How to Sort Posts by their Taxonomy Terms
Don’t Cache WP_Query Objects (and Why Not)
Recently, I was working on site speed for a client with one page that makes a large number of custom database queries through WordPress’s WP_Query API.
How to Paginate a Custom WP_Query: Stack Overflow to the Rescue
Something I can’t remember needing to do before is to paginate a custom WP_Query. (Maybe my memory’s failing me, since this is what you’d need to know how to do to put post content at the top of an archive page—one of the weirdest and most common “Why can’t WordPress do that?” things in my experience.)
How to Write a WP_Query for Multiple Specific Post IDs
Recently, a client project I’m working on required something I don’t think I’ve done before: write a WP_Query to fetch a dynamically generated list of post IDs.
Creating a WordPress Widget to Show a Random Post
Making a widget to show a random post uses two underlying concepts you need to get familiar with to be good at WordPress development: making use of WP_Query objects, and making widgets. If you’ve not checked them before, check out our Quick Guides which more thoroughly introduce both:
Making your First WordPress Plugin (From Scratch): Live Training Tomorrow
We’re doing a WordPress development training session tomorrow!
Using WP_Query Your First Time: A Shortcode to Show Post Titles
Using WP_Query for the first time can be scary. If you’re an established programmer who is well acquainted with object-oriented programming, it’s pretty easy. But if you’re not you need to use WordPress’s looping concept, and an object, for the first time, and it’s a lot to take in. Don’t get overwhelmed. Copying and pasting the first few (dozen) times is how everyone learns. My hope is that the video gives you some understanding though:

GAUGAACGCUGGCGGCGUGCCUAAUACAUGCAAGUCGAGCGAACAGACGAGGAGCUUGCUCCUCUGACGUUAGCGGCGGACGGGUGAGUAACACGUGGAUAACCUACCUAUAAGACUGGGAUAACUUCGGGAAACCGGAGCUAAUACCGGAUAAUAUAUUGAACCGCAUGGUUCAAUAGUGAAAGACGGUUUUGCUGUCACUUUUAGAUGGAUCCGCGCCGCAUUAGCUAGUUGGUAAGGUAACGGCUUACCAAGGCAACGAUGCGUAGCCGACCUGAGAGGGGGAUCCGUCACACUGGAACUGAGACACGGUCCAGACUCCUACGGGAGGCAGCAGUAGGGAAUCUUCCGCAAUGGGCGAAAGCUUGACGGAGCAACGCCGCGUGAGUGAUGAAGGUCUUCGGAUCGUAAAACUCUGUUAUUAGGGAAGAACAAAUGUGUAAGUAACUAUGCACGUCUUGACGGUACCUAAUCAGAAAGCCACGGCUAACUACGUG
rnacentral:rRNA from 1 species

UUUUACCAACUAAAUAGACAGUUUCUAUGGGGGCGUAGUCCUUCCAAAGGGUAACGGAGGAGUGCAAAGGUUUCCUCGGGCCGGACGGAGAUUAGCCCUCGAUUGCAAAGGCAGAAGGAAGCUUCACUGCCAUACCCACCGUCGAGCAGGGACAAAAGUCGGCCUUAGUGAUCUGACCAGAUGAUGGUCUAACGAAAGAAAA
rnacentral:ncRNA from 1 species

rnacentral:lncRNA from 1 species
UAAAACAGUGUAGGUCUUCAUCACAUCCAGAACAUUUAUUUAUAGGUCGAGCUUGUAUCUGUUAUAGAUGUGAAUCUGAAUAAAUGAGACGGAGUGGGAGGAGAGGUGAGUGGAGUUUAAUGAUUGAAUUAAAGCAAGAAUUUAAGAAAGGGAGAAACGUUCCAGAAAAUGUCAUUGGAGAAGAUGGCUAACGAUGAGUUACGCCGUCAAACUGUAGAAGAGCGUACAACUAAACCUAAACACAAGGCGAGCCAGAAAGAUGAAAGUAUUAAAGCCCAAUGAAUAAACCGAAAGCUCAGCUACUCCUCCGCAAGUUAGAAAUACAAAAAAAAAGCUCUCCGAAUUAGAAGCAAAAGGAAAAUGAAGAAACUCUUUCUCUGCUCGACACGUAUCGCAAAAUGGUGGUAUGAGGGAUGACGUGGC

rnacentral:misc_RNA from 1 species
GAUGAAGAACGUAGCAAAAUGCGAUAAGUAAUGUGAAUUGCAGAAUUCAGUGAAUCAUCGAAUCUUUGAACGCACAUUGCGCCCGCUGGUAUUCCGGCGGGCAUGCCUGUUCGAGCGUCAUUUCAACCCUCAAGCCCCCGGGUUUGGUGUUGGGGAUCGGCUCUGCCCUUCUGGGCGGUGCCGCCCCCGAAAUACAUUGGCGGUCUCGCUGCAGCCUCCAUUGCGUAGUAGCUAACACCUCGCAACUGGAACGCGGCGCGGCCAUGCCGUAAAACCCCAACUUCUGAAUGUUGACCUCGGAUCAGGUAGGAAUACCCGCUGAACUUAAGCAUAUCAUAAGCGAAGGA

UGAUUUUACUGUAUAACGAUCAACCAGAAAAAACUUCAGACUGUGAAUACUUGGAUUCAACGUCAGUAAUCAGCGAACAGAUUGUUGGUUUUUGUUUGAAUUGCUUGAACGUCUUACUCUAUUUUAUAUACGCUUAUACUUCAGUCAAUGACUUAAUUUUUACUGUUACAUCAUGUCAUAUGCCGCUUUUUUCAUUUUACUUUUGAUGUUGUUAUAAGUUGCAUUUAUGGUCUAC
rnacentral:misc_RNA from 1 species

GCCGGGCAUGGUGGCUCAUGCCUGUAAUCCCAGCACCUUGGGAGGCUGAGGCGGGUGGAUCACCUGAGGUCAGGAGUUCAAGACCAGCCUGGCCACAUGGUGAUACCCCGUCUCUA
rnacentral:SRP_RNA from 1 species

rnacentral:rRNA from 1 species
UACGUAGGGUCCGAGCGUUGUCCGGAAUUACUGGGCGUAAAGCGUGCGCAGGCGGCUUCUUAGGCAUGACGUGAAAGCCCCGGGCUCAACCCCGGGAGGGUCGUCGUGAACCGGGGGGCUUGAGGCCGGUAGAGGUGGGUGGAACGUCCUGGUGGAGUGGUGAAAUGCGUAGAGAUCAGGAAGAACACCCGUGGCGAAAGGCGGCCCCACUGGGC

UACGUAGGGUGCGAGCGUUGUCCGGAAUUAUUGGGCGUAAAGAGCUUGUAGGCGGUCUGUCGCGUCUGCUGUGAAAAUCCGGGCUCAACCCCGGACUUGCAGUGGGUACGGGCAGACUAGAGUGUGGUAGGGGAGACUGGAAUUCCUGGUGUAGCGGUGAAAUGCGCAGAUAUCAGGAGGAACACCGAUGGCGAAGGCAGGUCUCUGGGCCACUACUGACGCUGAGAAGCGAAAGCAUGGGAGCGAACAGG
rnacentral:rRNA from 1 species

WP_Query vs query_posts() vs get_posts()
This is not a new resource, but I just rediscovered and found it still incredibly relevant. Back in 2011, Andrey “Rarst” Savchenko put together a little diagram that shows the difference between three of the most common ways of dealing with getting posts in WordPress, a new WP_Query object, or the query_posts() or get_posts() functions.
Using WP_Query Objects Without the Loop
I really enjoyed David’s article from a few weeks ago on the basics of functional programming as it applies to WordPress’s nested data structures. One of the nice things about working with him is that I learn a lot, too. Today, I want to continue exploring the somewhat-functional world David introduced, and suggest some freer ways of interacting with a very important entity in WordPress: the WP_Query object.
Getting to Know WP_Query
WP_Query is an exceptionally powerful tool in WordPress. Every WordPress site contains a database that stores many posts (of many post types) that make up the bulk of that site’s content, and WP_Query is the best way to fetch or retrieve a given selection of those posts for processing.